The marriage of Silas W. Cobb and Olive Throop must have been a good match. In 1817, the couple gave birth to twin daughters. One twin’s name is unknown at this time, but the other twin was named Mary.
A family of twelve must have kept Olive very busy. Silas W. Cobb was also busy providing for his large family. In the 1820s Silas was the proprietor of The Cobb Tavern of Moretown, Vermont.
In the 1820s New England Taverns were considered “hotels” where overnight guests could receive a breakfast and dinner. As with any restaurant, the quality of food could vary but it was usually plentiful as stagecoaches might stop for the night.
Good, plentiful food is only part of the New England tavern life. Men gathered at the local tavern for drink. In the 1820s American men consumed a great deal of alcohol much more that today. The Cobb Tavern may have been home to the Cobb Family and a meeting place for the gentlemen of the area.
Silas Bowman Cobb’s biography reports that the large family had little money. Silas Bowman tells of receiving a limited education due to family finances; which suggests that all the Cobb children had limited educational opportunities as well. Perhaps they worked in their father’s tavern or were “bound out” as Silas Bowman was.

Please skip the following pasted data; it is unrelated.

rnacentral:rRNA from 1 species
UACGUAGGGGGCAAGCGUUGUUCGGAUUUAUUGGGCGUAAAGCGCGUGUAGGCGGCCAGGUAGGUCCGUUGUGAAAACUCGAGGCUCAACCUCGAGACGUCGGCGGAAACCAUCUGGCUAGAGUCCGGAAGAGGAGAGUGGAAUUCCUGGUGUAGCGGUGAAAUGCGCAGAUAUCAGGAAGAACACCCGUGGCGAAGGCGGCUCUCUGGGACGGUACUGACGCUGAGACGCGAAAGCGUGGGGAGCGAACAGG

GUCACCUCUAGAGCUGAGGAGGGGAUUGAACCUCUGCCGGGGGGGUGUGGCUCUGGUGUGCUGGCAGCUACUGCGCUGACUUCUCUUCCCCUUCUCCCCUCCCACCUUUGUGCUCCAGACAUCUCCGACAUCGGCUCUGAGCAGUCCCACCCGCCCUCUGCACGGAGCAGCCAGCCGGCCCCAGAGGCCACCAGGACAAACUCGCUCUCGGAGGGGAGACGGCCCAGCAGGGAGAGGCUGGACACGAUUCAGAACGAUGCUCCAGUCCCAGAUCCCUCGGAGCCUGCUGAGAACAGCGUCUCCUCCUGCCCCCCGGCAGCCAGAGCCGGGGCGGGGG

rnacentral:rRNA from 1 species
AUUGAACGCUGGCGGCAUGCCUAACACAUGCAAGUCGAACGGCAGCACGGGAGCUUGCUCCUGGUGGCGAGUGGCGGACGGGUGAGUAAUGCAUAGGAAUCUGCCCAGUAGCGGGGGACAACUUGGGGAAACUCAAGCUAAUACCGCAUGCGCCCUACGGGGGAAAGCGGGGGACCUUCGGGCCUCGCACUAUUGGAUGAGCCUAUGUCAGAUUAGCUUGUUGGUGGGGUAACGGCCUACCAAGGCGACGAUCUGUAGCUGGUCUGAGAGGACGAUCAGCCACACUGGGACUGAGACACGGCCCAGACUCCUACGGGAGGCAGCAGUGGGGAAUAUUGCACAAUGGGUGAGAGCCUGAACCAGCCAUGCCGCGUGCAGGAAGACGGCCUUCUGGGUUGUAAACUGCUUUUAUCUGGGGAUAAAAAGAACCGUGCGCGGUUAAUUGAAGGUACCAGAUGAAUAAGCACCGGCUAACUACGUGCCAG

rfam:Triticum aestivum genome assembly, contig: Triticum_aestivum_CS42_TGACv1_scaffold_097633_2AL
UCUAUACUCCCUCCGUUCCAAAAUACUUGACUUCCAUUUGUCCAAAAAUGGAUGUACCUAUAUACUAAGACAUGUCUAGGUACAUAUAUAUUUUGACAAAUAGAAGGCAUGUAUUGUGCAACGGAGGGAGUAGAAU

The Cobb Family most likely experienced hardship. In 1828 and 1830 two family members passed away. The Vermont Watchman & State Gazette reported Mary Cobb’s death.
Cobb, Mary; age 11; 29th ult., twin daughter of Silas W. Cobb, Esq.; Moretown;
Issue Date: 8 April 1828
The paper also reported the death of Olive Cobb.
Cobb, Olive; age 52; 16th inst; wife of Silas W. Cobb; Montpelier;
Issue Date: 23 November 1830
I would like to extent a thank you to the Janice Boyko and The Northeast Kingdom Genealogy Group of Vermont. This nonprofit organization is run by volunteers and has been a great source for my Vermont genealogy research.